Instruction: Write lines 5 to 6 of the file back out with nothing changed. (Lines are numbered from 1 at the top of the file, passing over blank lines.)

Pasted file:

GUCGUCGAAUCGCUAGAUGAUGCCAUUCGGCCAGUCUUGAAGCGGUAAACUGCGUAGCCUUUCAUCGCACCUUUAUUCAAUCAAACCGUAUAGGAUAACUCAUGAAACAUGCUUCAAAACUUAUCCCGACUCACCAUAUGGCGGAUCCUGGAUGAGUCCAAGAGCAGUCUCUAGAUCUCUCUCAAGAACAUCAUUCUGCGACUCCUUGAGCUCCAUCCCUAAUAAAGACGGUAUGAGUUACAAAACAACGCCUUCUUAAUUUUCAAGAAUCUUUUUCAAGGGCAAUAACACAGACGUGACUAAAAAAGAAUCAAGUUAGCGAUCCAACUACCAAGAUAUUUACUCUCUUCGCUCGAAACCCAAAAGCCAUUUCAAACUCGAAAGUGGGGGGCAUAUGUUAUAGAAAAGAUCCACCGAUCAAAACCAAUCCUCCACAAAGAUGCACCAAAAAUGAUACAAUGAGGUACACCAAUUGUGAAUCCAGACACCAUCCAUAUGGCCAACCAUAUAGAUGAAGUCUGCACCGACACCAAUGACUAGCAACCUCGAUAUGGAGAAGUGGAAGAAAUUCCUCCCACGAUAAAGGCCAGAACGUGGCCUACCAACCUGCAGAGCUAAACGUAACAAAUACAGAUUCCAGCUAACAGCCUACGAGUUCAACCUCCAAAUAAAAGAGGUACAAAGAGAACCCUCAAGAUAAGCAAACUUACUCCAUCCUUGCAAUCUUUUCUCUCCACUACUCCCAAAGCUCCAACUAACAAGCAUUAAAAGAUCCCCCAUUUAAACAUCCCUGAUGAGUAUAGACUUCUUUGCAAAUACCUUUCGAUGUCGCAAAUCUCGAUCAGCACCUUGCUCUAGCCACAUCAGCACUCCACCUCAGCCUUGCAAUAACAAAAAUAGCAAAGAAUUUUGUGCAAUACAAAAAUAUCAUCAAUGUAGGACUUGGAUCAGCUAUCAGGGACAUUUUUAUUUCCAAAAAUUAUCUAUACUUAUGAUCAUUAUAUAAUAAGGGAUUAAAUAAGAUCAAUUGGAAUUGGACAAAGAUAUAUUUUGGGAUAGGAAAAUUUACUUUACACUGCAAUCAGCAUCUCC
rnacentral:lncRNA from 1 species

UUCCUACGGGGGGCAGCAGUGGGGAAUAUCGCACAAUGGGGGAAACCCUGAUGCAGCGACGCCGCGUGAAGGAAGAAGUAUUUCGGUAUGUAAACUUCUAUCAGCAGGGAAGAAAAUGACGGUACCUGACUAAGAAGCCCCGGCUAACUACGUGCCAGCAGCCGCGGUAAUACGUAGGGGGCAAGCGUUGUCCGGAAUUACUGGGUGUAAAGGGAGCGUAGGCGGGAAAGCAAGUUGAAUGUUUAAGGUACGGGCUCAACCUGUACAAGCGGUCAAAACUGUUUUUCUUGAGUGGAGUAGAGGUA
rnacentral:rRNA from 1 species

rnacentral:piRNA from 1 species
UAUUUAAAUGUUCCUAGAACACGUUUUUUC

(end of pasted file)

rnacentral:piRNA from 1 species
UAUUUAAAUGUUCCUAGAACACGUUUUUUC